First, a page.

Monitoring shows that sea lice pressure on wild salmonids has been low and that the majority of salmon smolts probably came out with little lice.
"Low water temperatures, well coordinated delousing and good supervision is why our situation has been so good," says Kristina Landsverk, supervising director of the FSA.
During the period January to June 2013, sealice numbers were lower than in recent years. Across the country, the average level remained below the maximum threshold of 0.5 adult females, ie the limit of lice that may be on farmed fish at a facility.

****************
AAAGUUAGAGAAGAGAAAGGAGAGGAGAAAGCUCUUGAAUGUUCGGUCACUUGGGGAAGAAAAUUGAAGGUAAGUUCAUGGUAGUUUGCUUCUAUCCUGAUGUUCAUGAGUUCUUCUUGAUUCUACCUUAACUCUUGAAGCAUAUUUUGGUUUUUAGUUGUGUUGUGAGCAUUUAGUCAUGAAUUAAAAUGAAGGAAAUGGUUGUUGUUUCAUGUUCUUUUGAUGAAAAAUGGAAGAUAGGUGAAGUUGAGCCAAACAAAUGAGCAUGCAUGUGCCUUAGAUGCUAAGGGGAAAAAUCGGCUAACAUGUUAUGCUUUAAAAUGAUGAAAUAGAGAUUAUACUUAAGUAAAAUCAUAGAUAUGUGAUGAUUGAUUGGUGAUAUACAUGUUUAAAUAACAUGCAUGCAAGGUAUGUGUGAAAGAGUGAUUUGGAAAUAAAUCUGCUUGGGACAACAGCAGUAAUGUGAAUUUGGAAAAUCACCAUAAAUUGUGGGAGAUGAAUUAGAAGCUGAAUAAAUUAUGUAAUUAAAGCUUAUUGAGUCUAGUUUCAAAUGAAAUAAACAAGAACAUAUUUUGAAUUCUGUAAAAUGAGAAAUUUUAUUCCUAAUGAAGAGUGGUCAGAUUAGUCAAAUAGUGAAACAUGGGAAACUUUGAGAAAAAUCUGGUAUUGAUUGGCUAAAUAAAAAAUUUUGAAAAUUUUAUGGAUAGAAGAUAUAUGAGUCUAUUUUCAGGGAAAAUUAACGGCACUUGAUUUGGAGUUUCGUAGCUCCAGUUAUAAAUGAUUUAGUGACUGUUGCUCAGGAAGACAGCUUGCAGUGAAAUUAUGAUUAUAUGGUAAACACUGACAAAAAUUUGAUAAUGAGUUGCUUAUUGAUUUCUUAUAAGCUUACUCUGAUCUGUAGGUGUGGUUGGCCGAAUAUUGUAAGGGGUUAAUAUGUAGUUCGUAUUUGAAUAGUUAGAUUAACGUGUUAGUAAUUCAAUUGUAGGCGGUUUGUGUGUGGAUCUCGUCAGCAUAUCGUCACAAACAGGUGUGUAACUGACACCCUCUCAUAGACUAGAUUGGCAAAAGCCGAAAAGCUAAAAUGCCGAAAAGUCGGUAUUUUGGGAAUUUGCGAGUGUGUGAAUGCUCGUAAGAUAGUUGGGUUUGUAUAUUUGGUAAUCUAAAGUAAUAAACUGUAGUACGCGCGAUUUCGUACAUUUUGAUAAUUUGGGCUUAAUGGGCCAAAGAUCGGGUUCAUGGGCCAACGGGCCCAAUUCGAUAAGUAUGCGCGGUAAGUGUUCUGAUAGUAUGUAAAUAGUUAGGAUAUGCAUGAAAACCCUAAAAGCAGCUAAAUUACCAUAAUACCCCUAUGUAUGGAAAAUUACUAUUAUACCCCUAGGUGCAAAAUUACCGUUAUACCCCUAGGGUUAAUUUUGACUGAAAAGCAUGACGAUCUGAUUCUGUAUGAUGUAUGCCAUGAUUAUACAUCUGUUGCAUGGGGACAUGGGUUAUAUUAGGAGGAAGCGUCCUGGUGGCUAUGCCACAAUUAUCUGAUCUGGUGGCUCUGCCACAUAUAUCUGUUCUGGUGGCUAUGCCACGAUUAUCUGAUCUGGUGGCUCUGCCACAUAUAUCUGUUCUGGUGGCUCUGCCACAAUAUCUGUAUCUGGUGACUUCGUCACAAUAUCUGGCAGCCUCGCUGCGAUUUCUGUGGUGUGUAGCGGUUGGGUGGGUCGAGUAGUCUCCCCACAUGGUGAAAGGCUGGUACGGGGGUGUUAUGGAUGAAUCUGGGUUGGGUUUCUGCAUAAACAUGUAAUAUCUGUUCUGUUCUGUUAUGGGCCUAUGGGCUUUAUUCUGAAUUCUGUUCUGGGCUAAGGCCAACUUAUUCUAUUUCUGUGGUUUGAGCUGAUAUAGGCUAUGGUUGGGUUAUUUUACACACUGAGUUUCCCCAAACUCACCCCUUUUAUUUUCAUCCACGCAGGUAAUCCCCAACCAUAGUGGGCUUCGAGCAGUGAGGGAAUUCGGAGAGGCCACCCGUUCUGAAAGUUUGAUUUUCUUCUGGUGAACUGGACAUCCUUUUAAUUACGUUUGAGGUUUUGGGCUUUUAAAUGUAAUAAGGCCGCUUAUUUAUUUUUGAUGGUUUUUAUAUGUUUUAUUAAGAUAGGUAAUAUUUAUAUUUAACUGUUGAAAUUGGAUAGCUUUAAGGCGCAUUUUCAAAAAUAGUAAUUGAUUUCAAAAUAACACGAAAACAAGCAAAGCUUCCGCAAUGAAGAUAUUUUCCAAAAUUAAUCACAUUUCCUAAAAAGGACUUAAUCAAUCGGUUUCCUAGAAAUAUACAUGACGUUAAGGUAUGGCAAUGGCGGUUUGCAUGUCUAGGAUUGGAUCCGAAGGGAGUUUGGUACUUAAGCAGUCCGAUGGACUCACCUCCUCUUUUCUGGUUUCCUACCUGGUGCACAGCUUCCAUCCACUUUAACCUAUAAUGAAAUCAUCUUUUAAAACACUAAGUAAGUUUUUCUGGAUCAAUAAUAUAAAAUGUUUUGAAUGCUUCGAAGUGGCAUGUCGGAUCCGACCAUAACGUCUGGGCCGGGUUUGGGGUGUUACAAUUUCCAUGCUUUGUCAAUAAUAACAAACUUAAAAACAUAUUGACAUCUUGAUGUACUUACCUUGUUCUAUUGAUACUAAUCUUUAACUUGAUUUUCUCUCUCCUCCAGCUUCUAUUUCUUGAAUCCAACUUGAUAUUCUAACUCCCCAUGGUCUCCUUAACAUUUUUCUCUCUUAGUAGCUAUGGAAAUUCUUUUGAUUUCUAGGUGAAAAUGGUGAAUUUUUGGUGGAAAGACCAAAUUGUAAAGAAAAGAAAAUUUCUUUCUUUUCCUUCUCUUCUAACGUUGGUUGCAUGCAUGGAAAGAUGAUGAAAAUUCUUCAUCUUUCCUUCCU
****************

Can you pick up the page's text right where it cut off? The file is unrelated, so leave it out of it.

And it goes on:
"The low lice levels is primarily due to low water temperatures. Temperatures have been up to two degrees below normal and low water temperatures mean salmon lice reproduce more slowly," says Ms Landsverk.
The sea lice infection of wild salmon is also lower this year than in previous years.
So far, the results indicate that 2013 is a year of very low infection pressure along parts of West and Central Norway in the spring and early summer, and both sea trout smolt and salmon smolts have been low infection during smolt migration.
This may be due to measures taken by government and industry, but can also be caused by low temperatures and lots of fresh water in the spring and early summer.
You can read more on the report here.